We all have a favorite Bible translation, maybe even a few for different purposes. But did you know that for almost three hundred years the Protestant church had only one choice (or two, if you count the Geneva Bible, which differs only slightly), the King James Bible? Preserving the English language - indeed adding to it particular phrases and words first found in the KJV - this translation informed many generation in the crucial years after the Reformation. But for the last hundred years, we've had many translations and versions using the many texts now available, so does that mean that the KJV is now outdated?
The King James Bible still has its distinctives to it's credit. It is the Bible at the heart of every revival in the English-speaking world. It's text is in the public domain (outside the UK), so distribution of it does not defy copyright laws. And, as Dr. Carter proclaims, it accurately preserves the Scriptural texts as passed on by the church, known as the Textus Receptus. This key element is pivotal to the development of the English Bible, and, since newly discovered texts are suspect, the King James Bible remains the only version still in print without the newer texts' influences.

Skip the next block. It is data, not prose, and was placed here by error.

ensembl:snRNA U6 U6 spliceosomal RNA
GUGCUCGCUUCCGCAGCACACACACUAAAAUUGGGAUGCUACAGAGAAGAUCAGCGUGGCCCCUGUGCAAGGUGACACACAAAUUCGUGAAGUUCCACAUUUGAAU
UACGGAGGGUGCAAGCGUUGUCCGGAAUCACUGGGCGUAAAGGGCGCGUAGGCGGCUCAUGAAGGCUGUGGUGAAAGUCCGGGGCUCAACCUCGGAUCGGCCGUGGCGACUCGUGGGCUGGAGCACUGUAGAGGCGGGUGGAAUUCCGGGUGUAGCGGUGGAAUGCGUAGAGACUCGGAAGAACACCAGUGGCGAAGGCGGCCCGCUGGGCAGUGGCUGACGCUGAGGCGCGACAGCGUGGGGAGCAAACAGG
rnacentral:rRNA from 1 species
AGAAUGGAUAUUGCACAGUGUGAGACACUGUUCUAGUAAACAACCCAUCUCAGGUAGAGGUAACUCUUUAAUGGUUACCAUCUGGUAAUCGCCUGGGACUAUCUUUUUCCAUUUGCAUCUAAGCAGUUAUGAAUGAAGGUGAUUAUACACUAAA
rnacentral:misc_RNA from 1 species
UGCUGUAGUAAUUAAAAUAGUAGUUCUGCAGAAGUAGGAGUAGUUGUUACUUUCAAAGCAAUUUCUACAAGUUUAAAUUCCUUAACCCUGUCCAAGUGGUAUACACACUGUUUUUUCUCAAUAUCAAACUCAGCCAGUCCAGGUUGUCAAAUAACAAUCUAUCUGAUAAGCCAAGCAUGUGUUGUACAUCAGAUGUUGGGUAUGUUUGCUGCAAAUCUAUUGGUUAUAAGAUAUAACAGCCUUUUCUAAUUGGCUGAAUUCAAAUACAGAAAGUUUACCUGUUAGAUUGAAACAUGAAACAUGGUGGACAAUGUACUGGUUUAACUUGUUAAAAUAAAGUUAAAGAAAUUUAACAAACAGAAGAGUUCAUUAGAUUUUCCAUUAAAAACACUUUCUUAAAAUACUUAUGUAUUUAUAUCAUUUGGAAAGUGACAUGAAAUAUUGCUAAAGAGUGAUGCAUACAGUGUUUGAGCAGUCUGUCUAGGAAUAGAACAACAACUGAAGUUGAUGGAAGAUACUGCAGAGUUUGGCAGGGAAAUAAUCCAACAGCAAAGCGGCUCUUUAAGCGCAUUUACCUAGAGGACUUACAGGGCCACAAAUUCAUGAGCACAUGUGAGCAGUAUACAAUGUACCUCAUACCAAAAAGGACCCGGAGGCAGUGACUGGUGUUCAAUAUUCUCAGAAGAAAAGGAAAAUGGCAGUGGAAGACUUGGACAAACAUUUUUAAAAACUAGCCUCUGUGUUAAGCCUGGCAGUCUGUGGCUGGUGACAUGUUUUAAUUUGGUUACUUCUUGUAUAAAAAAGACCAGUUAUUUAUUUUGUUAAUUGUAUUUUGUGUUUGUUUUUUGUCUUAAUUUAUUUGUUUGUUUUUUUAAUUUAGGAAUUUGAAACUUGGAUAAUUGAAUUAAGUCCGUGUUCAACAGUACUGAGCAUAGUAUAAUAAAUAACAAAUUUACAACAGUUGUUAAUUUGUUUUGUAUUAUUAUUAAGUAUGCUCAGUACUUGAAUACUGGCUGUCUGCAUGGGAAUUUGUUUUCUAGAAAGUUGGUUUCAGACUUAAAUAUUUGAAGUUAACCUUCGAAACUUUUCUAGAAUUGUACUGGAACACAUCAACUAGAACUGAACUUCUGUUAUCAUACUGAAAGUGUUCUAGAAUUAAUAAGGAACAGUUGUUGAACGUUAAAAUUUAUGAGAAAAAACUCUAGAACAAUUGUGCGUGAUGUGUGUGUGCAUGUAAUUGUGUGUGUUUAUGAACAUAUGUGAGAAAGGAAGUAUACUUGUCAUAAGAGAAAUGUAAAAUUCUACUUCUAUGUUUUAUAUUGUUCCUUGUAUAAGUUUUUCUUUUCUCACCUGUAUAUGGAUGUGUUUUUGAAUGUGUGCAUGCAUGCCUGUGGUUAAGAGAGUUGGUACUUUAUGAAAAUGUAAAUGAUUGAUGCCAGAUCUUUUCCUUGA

Through short chapters with beginning-of-chapter vocabulary lists end-of-chapter questions, and interstitial review sections, Carter carefully takes the reader through the history of God's Word, methodologies of translation, and reasons for considering the KJV to be the preserved Word of God. Packed with fascinating facts, solid research, and even a handful of vocabulary puzzles for fun, Dr. Carter makes a good case for the unique authenticity of the King James Bible.
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